The best thing about Corsica is that there’s loads to see and do, and everything is close enough for you to be able to fit a lot into one day. Within half an hour for example you can go from lazing on the beach to exploring mountain villages (Ste Lucie de Tallano and Evisa are lovely). There are plenty of towns to visit – Sartene is a must, and Ajaccio has a real ‘city’ feel to it, and makes a good day trip.
So, did we do all this? Well, we were staying in a peaceful spot with a lovely pool surrounded by hammocks, 5 minutes stroll through the maquis-scented field to a glorious beach, with the town and all the restaurants just 2 mins drive round the corner so actually, we tended to stay put at lot of the time. Our boy loved crawling about on the beach and spent hours putting the pebbles in the bucket, taking the pebbles out again, putting the pebbles…
We did attempt a couple of forays along the tiny winding mountain roads to admire the famous red Calanches. It’s a white knuckle ride at the best of times – nothing (not even a rock or two) between you and a sheer drop of hundreds of feet on one side of the car, and the risk of landslide on the other. But I have to say that embarking upon the most treacherous section with a cross 18 month old shouting out! out! out! at the top of his not inconsiderable voice whilst flinging balls, cars, crisps around the car with gay abandon, doesn’t rate as one of the most relaxing holiday experiences I’ve ever had. But it was fun. And the views were beautiful. And we did get out! out! out, share a delicious fresh orange juice and throw pebbles in a mountain stream, so it wasn’t all bad!
What was good about our accommodation?
It was a very quick, easy walk to the beach, which meant that impromptu trips were perfectly feasible. Not much beats 10 minutes laying on the warm sand of an almost deserted early morning beach with your baby’s delicious, hot little body sprawled on top of you, soft warm waves lapping over your feet, and nothing more than a sunhat, a sarong and a bottle of water between you. Sometimes it’s so nice not to have all the paraphernalia, but you can only do it if you’re close to a beach. There were also a couple of swings nearby and a toddlers section to the pool – which were big hits with our baby. We could walk to the nearest restaurant, cook our own barbecues, and get to town within 2 minutes. All of these features made the holiday very stress free, and very enjoyable.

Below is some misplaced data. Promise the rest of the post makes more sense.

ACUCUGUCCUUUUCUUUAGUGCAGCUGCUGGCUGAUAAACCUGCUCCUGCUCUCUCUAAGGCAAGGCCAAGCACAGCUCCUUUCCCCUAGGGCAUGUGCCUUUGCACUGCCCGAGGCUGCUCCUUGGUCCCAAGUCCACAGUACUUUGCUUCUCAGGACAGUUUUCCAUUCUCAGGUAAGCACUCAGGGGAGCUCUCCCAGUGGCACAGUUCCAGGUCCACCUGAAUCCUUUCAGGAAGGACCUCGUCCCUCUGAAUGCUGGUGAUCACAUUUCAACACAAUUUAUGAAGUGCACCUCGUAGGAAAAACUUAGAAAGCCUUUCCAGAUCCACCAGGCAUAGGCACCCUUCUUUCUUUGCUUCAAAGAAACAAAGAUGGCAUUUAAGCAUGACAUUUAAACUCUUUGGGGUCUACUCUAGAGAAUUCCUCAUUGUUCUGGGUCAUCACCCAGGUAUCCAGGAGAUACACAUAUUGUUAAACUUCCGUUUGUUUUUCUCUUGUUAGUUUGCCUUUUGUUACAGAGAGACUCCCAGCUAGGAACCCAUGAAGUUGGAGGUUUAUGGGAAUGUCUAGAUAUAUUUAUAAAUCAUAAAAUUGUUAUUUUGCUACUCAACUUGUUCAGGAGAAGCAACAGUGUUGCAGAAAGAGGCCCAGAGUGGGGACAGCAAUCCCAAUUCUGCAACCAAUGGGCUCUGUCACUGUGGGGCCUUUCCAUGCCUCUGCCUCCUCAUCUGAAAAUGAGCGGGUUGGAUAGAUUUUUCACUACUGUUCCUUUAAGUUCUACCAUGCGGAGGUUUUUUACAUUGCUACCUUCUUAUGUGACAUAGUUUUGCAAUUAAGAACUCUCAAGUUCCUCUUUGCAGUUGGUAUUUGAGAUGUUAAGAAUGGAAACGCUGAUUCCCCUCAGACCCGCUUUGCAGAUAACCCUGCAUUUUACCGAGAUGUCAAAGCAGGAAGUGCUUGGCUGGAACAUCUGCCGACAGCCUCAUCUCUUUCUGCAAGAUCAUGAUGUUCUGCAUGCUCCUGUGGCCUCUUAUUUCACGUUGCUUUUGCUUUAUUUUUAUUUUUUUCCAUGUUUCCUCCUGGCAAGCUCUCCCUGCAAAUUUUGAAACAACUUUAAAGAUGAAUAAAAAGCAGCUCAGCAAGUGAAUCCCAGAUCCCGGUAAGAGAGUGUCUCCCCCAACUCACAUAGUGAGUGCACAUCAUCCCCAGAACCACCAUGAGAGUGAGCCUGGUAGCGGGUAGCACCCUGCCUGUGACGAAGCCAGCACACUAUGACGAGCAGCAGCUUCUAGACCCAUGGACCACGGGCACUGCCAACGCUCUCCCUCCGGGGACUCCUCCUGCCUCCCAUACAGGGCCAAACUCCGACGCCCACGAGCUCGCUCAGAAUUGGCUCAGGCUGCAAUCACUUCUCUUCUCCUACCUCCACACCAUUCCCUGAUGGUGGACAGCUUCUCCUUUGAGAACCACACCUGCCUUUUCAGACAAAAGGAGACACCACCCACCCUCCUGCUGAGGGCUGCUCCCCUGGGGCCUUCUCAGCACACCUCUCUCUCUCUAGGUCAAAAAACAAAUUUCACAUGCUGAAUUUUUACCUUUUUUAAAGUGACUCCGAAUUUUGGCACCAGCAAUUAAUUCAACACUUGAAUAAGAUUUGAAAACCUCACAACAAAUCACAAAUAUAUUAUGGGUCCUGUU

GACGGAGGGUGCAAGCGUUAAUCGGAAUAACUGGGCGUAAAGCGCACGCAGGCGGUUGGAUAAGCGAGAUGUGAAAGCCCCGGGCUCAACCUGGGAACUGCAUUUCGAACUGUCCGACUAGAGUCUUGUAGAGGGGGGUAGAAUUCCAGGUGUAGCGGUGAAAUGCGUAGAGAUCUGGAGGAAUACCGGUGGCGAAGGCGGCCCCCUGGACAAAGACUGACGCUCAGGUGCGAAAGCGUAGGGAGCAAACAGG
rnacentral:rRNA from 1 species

What were the best bits?
The seemingly endless days of quality time splashing with our boy in the sea, lazing in the shade of our verandah, reading and dozing while he napped. The weather is great – hot and sunny, but not at all humid, rarely stifling hot and with almost always a gentle breeze. We explored the forests, strolled around Cargese, our local town and toured the coast. We ate outside by the sea – excellent fish – listening to the haunting sound of Corsican polyphonic singing (especially popular with our boy who clapped with delight and shouted yeah!!! at the end of each number….) And the best thing is that you don’t feel like one of a thousand tourists, because it’s still pretty much off the beaten track. So don’t all go at once…..
Excellent times to visit are June, early July and September. We recommend the following places:
TIP: Take plenty of cash when visiting anywhere outside a main town, as few places take traveller’s cheques or cards. There’s not much point securing the perfect table on the terrace, in the shade, in the best restaurant, with the best view, and the best food, if you can’t pay for what you’ve planned to order (yep,it happened to us).